2:35 — Women’s 100m
2:45 — Men’s 5000m
3:05 — Women’s 400m
3:15 — Women’s 1500m
3:25 — Men’s 200m
3:35 — Men’s 110m Hurdles
3:45 — Men’s 3000m Steeplechase

Here are five events to watch:

Women’s Pole Vault — 1:15 p.m.
The four most decorated active women gather in 2012 Olympic champion Jenn Suhr, 2016 Olympic champion Katerina Stefanidi, Olympic and world silver medalist Sandi Morris and 2015 World champion Yarisley Silva. They’ll all be eyeing the 37-year-old Suhr’s world-leading clearance of 4.91 meters for 2019. Suhr’s last Diamond League win outside of the U.S. came in 2012.

Women’s 400m Hurdles — 2:13 p.m.
Every Olympic and world champion since 2013 is represented in this field among Kori Carter (2017 Worlds), Dalilah Muhammad (2016 Olympics) and Zuzana Hejnova (2013 and 2015 Worlds). Plus the second- and third-fastest women of 2018 — Shamier Little and Janieve Russell. The only missing superstar is Sydney McLaughlin, whose 52.75 was fastest in the world last year. Muhammad is fastest this season at 53.61.

Women’s 100m — 2:35 p.m.
The two phenoms of this event — U.S. champion Aleia Hobbs and European champion Dina Asher-Smith of Great Britain — go head-to-head for the first time. Hobbs won her Diamond League debut in Shanghai in 11.03 seconds, beating Olympic champion Elaine Thompson of Jamaica (who is also in the Rome field). Asher-Smith won the first two Diamond League 200m of this season in the world’s fastest times of the year. The winner here likely becomes world champs favorite.

Women’s 1500m — 3:15 p.m.
Olympic bronze medalist Jenny Simpson faces world-record holder Genzebe Dibaba for the first time since the 2017 Worlds. Simpson followed her surprise 2011 World title with national titles in 2014, 2015, 2016 and 2017, but the 32-year-old last won a Diamond League race in 2015 and ceded the U.S. crown to Shelby Houlihan last year. This field lacks Olympic champion Faith Kipyegon (out since 2017 due to pregnancy) and Houlihan, but it does boast Brit Laura Muir.

Men’s 200m — 3:25 p.m.
It’s not just Lyles v. Norman. Also in the field: 2017 World gold and bronze medalists Ramil Guliyev and Jereem Richards. None of them have ever beaten Lyles, though. A time to note: 19.65 seconds. That’s Lyles’ personal best. Last year, Lyles joined Usain Bolt as the only men to break 19.7 four times in one season. But Lyles is still far from Bolt-at-his-best territory. He is the joint-eighth-fastest 200m man in history.

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Noah Lyles wins duel with Christian Coleman in Shanghai

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Noah Lyles won the first of what will hopefully be multiple head-to-heads with Christian Coleman this season, taking a 100m at a Diamond League meet in Shanghai on Saturday.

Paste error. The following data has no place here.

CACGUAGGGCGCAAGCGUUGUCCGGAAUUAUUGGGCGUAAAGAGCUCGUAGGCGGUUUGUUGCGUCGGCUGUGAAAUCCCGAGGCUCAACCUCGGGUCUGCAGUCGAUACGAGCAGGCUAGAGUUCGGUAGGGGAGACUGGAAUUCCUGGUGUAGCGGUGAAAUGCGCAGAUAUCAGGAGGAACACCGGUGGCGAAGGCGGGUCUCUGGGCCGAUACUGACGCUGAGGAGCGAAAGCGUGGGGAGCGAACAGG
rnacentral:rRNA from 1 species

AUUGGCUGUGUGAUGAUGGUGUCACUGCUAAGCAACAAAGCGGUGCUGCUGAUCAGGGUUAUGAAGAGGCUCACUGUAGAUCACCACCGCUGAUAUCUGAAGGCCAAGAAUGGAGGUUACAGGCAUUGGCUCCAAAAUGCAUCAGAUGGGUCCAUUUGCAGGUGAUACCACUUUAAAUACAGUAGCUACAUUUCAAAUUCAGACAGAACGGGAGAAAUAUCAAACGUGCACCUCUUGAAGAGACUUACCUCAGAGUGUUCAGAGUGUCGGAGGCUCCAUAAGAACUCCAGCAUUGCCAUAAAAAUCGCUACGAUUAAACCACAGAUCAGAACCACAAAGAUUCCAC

Both U.S. sprint phenoms clocked 9.86 seconds, with Lyles coming from about fifth place at 50 meters to edge Coleman by .006 with a lean.

“This was a message to myself,” Lyles said, according to the IAAF. “The 100 has never been my dominant thing so I wanted to make sure this year that everybody knew I was a 100 and 200 runner, and not just a 200 runner kind of running the 100.”

It’s a personal best for Lyles. Coleman has run 9.79.

Lyles, undefeated in outdoor 200m races since finishing fourth at the 2016 Olympic Trials at age 18, beat Coleman for the first time in three career senior 100m head-to-heads.

While Lyles prefers the 200m, Coleman has said he hopes to qualify for this fall’s world championships in both the 100m and 200m.

If Coleman follows through on that, he and Lyles will face off in the 200m at the USATF Outdoor Championships in July. Saturday marked Coleman’s first individual race since Aug. 31.

“It is always a struggle to get in good form after such a long time away from competition, so I didn’t have any specific expectations for today,” Coleman said. “In general I am fine with 9.86 today.”

Full Shanghai results are here. The Diamond League next visits Stockholm on May 30.

In other events, Qatar’s Abderrahman Samba won his anticipated duel with Rai Benjamin in a matchup between the second- and third-fastest 400m hurdlers in history. Samba, who took up the event full-time two years ago, clocked 47.27 seconds, which would have been the fastest time in a decade if not for Samba and Benjamin’s rapid times last June.

Benjamin, born in the Bronx and raised partly in Antigua and Barbuda, was passed before the last hurdle and crossed in 47.80. Last June, Benjamin won the NCAA title in 47.02, then matching Edwin Moses as second-fastest in history. Samba ran 46.98 later that month.

Kevin Young remains the longest-standing world-record holder in men’s track racing, setting 46.78 in the 1992 Olympic final.

Sydney McLaughlin, who in Rio became the youngest U.S. track and field athlete to compete at an Olympics in 44 years, was an impressive second in the 400m in her Diamond League debut. The 19-year-old pro, whose focus is the 400m hurdles, clung to world 400m silver medalist Salwa Eid Naser in the final straight and crossed in 50.78, just .13 back of Naser.

Naser hasn’t lost to anyone other than Olympic champion Shaunae Miller-Uibo since the 2017 Worlds. Miller-Uibo was absent from Shanghai.

U.S. champion Aleia Hobbs won her senior international 100m debut in 11.03 seconds, beating a field that included Olympic champ Elaine Thompson. Hobbs did so two weeks after fracturing a wrist playing laser tag. Thompson, who last won a Diamond League race in 2017, was third in 11.14.

Ethiopian Yomif Kejelcha won a battle among the three fastest active 5000m runners, bounding from Selemon Barega to win by .55 in 13:04.16. Barega won last year’s Diamond League Final in 12:43.02, the world’s fastest time in 13 years.